While the Syrian government is cracking down on pro-democracy protesters, Clinton says it's a different situation from Libya, where Col. Moammar Gadhafi was "calling out aircraft and indiscriminately strafing and bombing" his own cities.

Clinton added that it took action by the entire international community involving a United Nations resolution, and condemnation of Gadhafi by the Arab League, to finally get approval for military action to establish a no-fly zone over Libya.

Doing the same to deal with Syria would be nearly impossible, she suggested.

While the Obama administration finds Syria's police action against demonstrators troubling, Clinton says that there's a need to differentiate between what's going on there and in Libya.

Meanwhile, Connecticut Sen. Joe Lieberman said that if Syria threatens a mass-scale massacre similar to Libya, the international community would be within its rights to conduct another Libya-style operation to protect Syrians.  He added that such action would have the support of the Arab world.

Copyright 2011 ABC News Radio

Sunday
Mar272011

Japanese Power Company Makes Error in Radiation Reading

DigitalGlobe via Getty Images(TOKYO) -- A Japanese power company on Sunday found itself apologizing for the second time in two days, with the latest apology coming as a result of a mistake in a report about radiation levels at a nuclear plant.

The Tokyo Electric Power Company (TEPCO) says it made a mistake when it reported that radiation levels at the plant were 10 million times higher than normal, causing an evacuation of the site. Extremely high radiation levels were reported Sunday, but just a few hours later the same day, TEPCO officials said the radiation level number was not credible and that the company was very sorry for their mistake.

The overstated levels were from a reading done at reactor 2 at the damaged Fukushima Daiichi plant. According to published reports, the worker who performed the reading evacuated the plant before a second reading could be taken.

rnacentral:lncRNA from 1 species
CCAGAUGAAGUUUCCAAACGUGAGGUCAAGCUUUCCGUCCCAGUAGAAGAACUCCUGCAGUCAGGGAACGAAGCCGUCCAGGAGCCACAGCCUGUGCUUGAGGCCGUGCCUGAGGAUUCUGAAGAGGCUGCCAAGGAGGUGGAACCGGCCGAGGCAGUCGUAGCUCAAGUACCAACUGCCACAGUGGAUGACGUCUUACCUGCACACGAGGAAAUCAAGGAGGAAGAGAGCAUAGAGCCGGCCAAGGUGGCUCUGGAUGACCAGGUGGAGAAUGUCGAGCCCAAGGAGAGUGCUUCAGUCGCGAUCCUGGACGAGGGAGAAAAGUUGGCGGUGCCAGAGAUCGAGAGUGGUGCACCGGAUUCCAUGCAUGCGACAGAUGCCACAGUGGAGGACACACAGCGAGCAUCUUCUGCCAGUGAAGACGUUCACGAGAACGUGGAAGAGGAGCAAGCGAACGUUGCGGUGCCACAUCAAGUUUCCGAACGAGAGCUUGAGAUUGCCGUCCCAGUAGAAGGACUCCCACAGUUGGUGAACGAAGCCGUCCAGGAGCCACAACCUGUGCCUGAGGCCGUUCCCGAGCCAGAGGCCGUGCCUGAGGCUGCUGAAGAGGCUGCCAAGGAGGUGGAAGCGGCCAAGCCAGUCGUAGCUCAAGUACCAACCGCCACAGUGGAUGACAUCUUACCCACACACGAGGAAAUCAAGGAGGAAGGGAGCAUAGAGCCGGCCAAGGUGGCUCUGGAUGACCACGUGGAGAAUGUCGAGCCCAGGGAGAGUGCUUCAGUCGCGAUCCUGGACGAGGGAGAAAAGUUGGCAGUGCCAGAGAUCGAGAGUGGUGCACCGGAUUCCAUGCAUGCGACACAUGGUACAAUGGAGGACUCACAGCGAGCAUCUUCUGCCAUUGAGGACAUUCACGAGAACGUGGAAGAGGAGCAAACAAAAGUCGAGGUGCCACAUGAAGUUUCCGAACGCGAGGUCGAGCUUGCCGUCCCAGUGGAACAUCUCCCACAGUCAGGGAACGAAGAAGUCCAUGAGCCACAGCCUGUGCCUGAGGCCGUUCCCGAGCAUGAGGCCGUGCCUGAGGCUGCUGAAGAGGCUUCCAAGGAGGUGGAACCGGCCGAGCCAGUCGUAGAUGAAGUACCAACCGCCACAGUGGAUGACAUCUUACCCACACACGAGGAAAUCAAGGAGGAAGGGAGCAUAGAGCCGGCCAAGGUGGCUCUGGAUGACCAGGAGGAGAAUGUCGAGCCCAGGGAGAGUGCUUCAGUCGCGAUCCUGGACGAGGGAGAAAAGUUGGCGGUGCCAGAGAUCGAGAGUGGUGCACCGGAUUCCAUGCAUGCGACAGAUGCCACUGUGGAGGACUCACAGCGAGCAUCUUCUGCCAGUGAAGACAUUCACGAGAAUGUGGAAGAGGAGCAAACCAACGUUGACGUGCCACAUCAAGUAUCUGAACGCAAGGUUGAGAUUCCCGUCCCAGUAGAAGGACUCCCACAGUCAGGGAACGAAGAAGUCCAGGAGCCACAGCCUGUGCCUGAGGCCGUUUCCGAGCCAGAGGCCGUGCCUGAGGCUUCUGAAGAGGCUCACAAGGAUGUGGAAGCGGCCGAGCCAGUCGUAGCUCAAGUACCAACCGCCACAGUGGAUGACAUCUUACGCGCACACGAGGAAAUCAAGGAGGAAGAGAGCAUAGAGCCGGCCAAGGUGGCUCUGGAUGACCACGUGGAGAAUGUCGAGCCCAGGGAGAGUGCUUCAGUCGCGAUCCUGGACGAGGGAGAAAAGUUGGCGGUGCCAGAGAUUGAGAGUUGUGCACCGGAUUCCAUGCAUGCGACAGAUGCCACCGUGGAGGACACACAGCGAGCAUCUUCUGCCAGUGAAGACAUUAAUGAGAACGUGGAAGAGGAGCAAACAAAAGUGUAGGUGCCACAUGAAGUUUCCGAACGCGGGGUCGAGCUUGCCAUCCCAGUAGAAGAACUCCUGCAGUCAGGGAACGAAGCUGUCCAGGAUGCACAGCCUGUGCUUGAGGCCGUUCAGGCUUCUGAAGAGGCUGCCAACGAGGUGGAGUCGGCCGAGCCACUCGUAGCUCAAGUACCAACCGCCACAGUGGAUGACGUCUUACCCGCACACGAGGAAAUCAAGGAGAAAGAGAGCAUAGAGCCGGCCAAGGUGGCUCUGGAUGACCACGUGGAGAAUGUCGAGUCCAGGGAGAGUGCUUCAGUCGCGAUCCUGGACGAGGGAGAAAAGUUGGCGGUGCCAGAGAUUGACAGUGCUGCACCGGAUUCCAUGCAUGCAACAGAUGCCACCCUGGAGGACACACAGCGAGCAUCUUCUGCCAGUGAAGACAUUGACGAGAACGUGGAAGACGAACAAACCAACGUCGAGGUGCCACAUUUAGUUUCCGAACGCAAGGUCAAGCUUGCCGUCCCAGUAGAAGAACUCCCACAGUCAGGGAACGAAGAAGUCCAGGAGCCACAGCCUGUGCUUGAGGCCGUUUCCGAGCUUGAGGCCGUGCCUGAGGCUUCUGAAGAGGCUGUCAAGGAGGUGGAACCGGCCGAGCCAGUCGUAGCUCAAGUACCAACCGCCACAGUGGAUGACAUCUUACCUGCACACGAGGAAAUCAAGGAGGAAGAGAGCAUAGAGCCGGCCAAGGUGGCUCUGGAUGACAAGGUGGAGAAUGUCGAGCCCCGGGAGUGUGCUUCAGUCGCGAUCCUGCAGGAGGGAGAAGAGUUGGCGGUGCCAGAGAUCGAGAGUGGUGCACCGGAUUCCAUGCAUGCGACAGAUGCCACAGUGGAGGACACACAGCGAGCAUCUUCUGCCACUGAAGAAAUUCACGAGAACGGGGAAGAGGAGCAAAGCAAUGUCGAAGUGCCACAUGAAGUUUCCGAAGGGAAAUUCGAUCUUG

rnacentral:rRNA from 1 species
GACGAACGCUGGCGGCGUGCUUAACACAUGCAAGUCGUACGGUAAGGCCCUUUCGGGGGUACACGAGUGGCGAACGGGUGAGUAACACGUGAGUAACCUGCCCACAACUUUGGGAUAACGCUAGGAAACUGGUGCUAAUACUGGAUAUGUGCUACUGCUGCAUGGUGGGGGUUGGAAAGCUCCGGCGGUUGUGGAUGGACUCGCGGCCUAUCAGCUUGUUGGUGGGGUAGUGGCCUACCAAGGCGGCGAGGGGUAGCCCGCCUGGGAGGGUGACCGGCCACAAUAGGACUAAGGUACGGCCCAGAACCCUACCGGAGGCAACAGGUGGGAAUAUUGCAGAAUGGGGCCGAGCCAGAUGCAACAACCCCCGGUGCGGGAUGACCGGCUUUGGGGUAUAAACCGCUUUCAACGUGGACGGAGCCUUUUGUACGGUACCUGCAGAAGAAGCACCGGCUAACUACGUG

On Saturday TEPCO issued an apology for not giving its employees proper warning about the degree of radiation risk they faced at the plant, after two workers suffered radiation burns from water that was 10,000 times more radioactive than normal.

Copyright 2011 ABC News Radio

Sunday
Mar272011

NATO Takes Over Military Operations in Libya

ABC News(BRUSSELS) -- NATO announced on Sunday that its allies plan to take over military operations in Libya under the United Nations Security Council Resolution.

According to a statement by NATO Secretary General Anders Fogh Rasmussen, NATO Allies have decided to take on whole military operation with a goal of protecting civilians and civilian-populated areas under threat of attack from the Gadhafi regime.

“NATO will implement all aspects of the UN Resolution,” said Rasmussen. “Nothing more, nothing less.”

Rasmussen said NATO has put a package of operations together that supports the United Nations Resolution both by sea and air. The release says NATO is already enforcing the arms embargo and no-fly zone in Libya, and Sunday’s decision will see the organization taking further action.

Copyright 2011 ABC News Radio

Sunday
Mar272011

US Official: NATO's Takover Fulfils President Obama's Promise

ABC News(WASHINGTON) -- Commenting on NATO’s decision to take over military operations in Libya, a senior U.S. official on Sunday said the move fulfills President Obama’s promise of taking the leading edge with the nation’s unique capabilities and then quickly turning over authority.

On Sunday NATO said that in addition to enforcing the arms embargo and no-fly zone in Libya, its allies would also take over military operations under the United Nations Security Council Resolution.

Speaking to reporters on a conference call, the U.S. official said not every NATO member will have to participate in every aspect of the operation. Some members may contribute by enforcing the embargo and no-fly zone, while some may partake in bombing operations aimed at protecting civilians.

The official said no one NATO member can block any action, as military commanders who are implementing the mission will be the decision-makers. The official also says now that NATO is in charge, he expects more members to commit assets.

Copyright 2011 ABC News Radio







ABC News Radio